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Intestine Thin Section

The digestive systems of most higher-level animals have the same basic components: mouth, pharynx, esophagus, stomach, small intestine, and large intestine. The relative importance and specific characteristics of each component, however, are highly dependent upon the typical diet of the species.

Depending upon their composition, different types of food take varying times to process in each area of the alimentary canal. Starch and sugar, for instance, are held in the stomach for a much shorter amount of time than proteins and fats. This is why eating a heavy breakfast, like bacon, eggs, and toast, generally satisfies one’s hunger longer than a bowl of sugarcoated cereal. Since the primary function of the small intestine is to dissolve nutrients from food and release them into the bloodstream through its walls, nutrient-rich foods generally spend a longer period of time in this part of the digestive tract. The large intestine, on the other hand, is more concerned with absorbing water from food and preparing indigestible waste for release from the body.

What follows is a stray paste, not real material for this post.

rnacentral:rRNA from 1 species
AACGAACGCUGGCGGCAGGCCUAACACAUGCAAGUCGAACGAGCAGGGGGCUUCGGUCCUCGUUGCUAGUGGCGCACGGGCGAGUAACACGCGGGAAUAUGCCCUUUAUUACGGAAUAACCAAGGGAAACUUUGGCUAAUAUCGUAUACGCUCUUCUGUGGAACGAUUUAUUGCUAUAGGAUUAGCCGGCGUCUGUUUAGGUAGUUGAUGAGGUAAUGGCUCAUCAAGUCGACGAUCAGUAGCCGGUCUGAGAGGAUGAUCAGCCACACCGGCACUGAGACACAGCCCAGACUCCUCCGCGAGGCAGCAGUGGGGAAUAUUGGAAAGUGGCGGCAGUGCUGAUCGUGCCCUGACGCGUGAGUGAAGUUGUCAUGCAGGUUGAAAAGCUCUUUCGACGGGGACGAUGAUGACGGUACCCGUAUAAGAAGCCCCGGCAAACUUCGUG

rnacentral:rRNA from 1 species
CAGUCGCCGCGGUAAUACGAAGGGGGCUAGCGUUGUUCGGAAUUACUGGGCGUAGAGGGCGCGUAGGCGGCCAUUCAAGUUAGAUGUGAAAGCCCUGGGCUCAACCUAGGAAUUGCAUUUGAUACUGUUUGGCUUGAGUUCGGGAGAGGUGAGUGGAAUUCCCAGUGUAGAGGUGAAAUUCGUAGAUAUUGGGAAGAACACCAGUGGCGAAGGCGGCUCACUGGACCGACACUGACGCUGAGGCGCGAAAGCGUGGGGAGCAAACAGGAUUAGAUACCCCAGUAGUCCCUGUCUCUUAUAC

In humans, the most prominent structure of the digestive system is the small intestine, which is generally more than 20 feet long. In nonhuman primates, however, the large intestine is a more central component to the digestive process. This divergence between humans and creatures such as gorillas and orangutans reflects the vast differences in their diets. As omnivores, humans generally consume high quality foods that contain significant amounts of protein, fats, and carbohydrates. The slower moving, nonhuman vegetarian primates, however, eat lower quality plants that contain a higher proportion of roughage.

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